The same procedures used in Example 1 were repeated except for using a usual high pressure-processed low-density polyethylene resin (JB221R available from Nippon Polyethylene Co., Ltd.) which was never referred to as the linear low-density polyethylene resin instead of the resin used in Example 1 to thus prepare an oxygen-absorbing resin composition and to carry out the evaluation of the resin composition. The resin was found to have 0.0011 eq/g of chain-like side chains carrying branches having various chain lengths. The amounts of by-products observed in Examples 5 and 6 were smaller than that observed in Example 7 because of the difference in shapes of the chain-like side chains.

The results obtained in Examples 5 to 7 are summarized in the following Table 3

TABLE 3
Ex. No.
5 6 7
Catalyst Single-site Single-site Radical
catalyst catalyst Initiator
(metallocene) (metallocene)
Kind of Resin LLDPE LLDPE LDPE
Structural Analysis of Resin
No. of branches (eq/g) 0.002 0.0011 0.0011
Rate of Side C1 0 0 0
Chains (%) C2 0 0 0
C4 100 100 60
C5 0 0 10
C6≦ 0 0 30
Presence of Branch None None Present
Evaluation
Oxygen-absorbing properties
Amt. of by-product formed X
through oxidation

Evaluation 3

1. Structural Analysis of Base Resin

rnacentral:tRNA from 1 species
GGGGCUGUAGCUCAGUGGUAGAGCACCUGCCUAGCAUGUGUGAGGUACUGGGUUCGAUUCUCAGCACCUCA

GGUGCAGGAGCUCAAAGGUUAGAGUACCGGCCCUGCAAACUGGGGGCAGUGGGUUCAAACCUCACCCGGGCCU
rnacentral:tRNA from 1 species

A low-density polyethylene resin (0.2 g) was cooled for 10 minutes in a freeze-pulverizing machine (JFC-300 available from Nippon Analysis Industry Co., Ltd.) and then pulverized for 10 minutes. Then, to 0.06 g of the resulting pellets, there was added 0.6 ml of a 1:3 deutero benzene/o-dichlorobenzene mixed solvent followed by the heat sealing and the subsequent 13C-NMR measurement (EX-270 available from JEOL Ltd.). There were then determined the number of branches included in the main chain of the low-density polyethylene resin and the number of carbon atoms of the side chains on the basis of the results obtained in the foregoing measurement. The results were evaluated on the basis of the following criteria: ∘: The base resin comprises side chains consisting of 0.003 eq/g or less of linear hydrocarbons; ×: Other base resins.

2. Evaluation of Oxygen-Absorbing Properties